There is no shame in being hungry for another person. There is no shame in wanting very much to share your life with somebody. — Augusten Burroughs
When did we decide it was so cool to hate everything?
My favorite thing about working with kids is they are completely unashamed to be themselves. They like what they like and they don’t like what they don’t like. They are their own people — small and goofy and wearing their shoes on the wrong feet and owning every little quirk.
Somewhere along the line, people got really, really afraid of being embarrassed. We would rather (as I put it to my friend Casey) “burst into flames” then be turned down or turned away.
We tone down our nerdiness around strangers, afraid they might alienate us for liking Firefly or Shakespeare. We hold back dance moves in the grocery store (sometimes). We don’t tell people we like that we have crushes on them. Or we do from far, far way (i.e. the Internet). We are so scared of letting our freak flags fly. Mainstream society wants us to be different, but not that kind of different oh god what are you doing what are you wearing go right back inside and change why are you dancing to ABBA we are in an airport right now. Not that I know anything about that.
Wait. Read that back to yourself. I just did exactly what I said I shouldn’t do in a blog post about why I shouldn’t do it. Why? Was I trying to be ironic? Was I nervous some boy will read that and think I’m weird and not ask me out to a coffee-bowling-hiking date (hint)? Maybe. Maybe I’m scared of being rejected for being a super big weirdo. It’s a tough issue though: We’re all super big weirdos, ans we’re all (deep down) afraid of being rejected.
It’s more than just rejection, though. The sting of rejection will (slowly) fade out, and we will grow from our experiences. Our fears run much deeper than embarrassment.
We are terrified of being vulnerable.
And it’s ruining us.
Think, just for a moment, how your life would be different it there weren’t lasting social implications connected to everything. If it was okay to tell someone, “Hey. I think you’re hilarious and caring and also pretty cute. If you wanted to get dinner or coffee or hold hands, I wouldn’t say no,” and not worry about forever ruining a friendship (or a comfortable silence).
Imagine if it was okay to say “I just don’t want to hang around you a lot anymore. You don’t make me feel good, and I think I deserve to feel good” if you wanted to move on from a toxic friendship or relationship.
Imagine if you weren’t trapped in an ever-thickening web of social norms and engagements and responsibilities. Imagine if you actually had control over your own life path.
The secret is: you do.
You just can’t be scared of it.
I am not trying to present this from a holier-than-thou pedestal of wisdom. I routinely choose to admire humans from afar, to squelch my emotions, to seem less than I am. But for what reason? Why should I dim down myself because of some preconceived social norm?
So this is my first step: a publicly announced foray into honesty. Whether it means speaking up or sitting back, I want to be my most genuine self. I want to feel full and grounded, not superficially balancing on a wire of facades.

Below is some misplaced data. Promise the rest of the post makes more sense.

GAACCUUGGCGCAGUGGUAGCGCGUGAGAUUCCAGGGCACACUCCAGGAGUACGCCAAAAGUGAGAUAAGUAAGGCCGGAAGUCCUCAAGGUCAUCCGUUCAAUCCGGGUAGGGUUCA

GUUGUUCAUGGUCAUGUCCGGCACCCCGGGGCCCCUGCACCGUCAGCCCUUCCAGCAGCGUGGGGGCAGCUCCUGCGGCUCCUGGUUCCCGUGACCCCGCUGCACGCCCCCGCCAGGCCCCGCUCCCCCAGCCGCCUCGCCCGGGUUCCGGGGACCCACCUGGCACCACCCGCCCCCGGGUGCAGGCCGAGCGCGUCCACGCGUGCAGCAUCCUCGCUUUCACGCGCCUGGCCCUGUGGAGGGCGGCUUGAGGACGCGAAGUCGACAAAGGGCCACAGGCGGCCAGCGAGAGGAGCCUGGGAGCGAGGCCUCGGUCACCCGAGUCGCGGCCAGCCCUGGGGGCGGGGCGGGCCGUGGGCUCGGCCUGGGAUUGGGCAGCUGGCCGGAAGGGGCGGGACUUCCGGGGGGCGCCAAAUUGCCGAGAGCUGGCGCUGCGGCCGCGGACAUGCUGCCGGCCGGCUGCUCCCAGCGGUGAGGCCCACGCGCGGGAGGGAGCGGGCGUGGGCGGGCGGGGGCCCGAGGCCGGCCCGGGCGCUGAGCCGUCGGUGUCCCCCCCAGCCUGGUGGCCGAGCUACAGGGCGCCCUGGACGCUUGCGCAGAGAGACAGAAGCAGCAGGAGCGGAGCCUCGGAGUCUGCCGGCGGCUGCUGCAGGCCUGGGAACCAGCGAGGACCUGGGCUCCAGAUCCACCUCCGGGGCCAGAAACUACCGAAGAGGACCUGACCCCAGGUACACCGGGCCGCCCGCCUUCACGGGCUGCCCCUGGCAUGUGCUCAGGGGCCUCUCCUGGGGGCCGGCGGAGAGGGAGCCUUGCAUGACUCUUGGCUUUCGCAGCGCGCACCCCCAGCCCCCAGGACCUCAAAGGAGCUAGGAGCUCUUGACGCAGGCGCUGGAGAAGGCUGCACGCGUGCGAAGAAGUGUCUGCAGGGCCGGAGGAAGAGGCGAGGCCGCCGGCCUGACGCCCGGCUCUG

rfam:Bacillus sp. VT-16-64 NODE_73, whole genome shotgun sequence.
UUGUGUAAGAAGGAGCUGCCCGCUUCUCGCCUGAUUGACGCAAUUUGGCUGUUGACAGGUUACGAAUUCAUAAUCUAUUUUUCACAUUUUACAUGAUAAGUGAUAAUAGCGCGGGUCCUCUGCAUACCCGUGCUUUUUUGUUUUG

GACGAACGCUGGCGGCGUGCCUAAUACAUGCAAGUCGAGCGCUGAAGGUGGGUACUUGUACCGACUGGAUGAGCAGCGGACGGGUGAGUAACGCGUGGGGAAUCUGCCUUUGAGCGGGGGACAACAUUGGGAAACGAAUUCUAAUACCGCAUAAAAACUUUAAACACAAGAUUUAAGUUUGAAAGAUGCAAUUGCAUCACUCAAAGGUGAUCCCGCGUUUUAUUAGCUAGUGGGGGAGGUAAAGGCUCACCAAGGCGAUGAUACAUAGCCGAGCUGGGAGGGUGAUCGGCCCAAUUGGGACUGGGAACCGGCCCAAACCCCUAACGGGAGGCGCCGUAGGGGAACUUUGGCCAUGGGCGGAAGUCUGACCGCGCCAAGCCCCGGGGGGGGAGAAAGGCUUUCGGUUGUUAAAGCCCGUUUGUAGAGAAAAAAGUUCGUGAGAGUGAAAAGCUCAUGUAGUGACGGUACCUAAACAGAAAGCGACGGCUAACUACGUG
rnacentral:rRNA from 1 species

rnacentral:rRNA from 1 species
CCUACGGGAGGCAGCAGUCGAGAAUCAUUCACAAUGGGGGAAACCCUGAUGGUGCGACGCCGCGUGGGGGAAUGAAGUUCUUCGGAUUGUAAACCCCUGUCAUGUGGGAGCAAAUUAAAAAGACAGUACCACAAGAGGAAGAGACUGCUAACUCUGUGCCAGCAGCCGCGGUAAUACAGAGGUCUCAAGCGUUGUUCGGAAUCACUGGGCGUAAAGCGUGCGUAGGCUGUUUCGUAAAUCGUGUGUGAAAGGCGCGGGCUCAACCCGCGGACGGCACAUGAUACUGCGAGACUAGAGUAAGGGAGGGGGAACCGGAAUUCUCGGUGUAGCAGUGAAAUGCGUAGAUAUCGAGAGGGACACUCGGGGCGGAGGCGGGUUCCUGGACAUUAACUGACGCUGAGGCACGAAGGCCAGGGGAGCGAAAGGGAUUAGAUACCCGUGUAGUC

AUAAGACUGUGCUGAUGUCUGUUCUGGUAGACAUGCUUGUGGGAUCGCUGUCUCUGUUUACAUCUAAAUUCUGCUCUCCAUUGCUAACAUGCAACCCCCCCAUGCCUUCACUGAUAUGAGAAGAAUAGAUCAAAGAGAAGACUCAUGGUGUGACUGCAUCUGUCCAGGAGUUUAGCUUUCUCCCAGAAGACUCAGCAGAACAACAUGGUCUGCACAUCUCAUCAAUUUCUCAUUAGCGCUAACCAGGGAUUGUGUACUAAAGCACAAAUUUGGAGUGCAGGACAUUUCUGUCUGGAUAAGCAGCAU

A while back, I read a great piece by Rachel Lewis on Thought Catalog called “Tell the People You Love that You Love Them.” It has one of those bits you love and connect with so much, you kick yourself for not finding the words for it first.
But there is nothing more beautiful than being desperate.
And there is nothing more risky than pretending not to care.
Because that’s what it’s all about, isn’t it? Balancing the risk of getting hurt with the risk of everything working out. I think what we don’t realize is that the risk of happiness far, far outweighs the risk of embarrassment.
It’s okay to have a silly crush on someone. Sometimes I can’t stop smiling or saying dorky things, or maybe my body just wants to be a little closer. The mind games we play with ourselves is getting ridiculous. There is no commandment, carved in stone, that says “Thou Shalt Not Double Text.” Or “He Must Text You First Or Else You Just Look Desperate.” Or “Wait Three Days To Schedule The Second Date.” If you are happy, run with it.
All of this is not to say that Facebook messaging someone first will always go well. You could get a “haha cool.” You could be hugely underwhelmed by her banter. You could get no response at all. Things don’t have to happen like they do in quirky romantic comedies with a strong female lead (thank you for that category, Netflix).
They also don’t have to go horribly wrong. I have to remind myself daily that liking someone’s status on Facebook does not need to have any bigger, deeper meaning. That it’s okay to not be a pore-less magazine lookalike. That having it all figured out is vastly overrated.
So let us be wild and free from embarrassment. Let us learn how to respect our bodies, love our curves and edges. Let us stay up talking to someone because they make our minds light up. Let us be with people who, as Maya Angelou said, lift us higher. Let us be unabashedly nerdy around each other.
Let’s learn to like stuff again.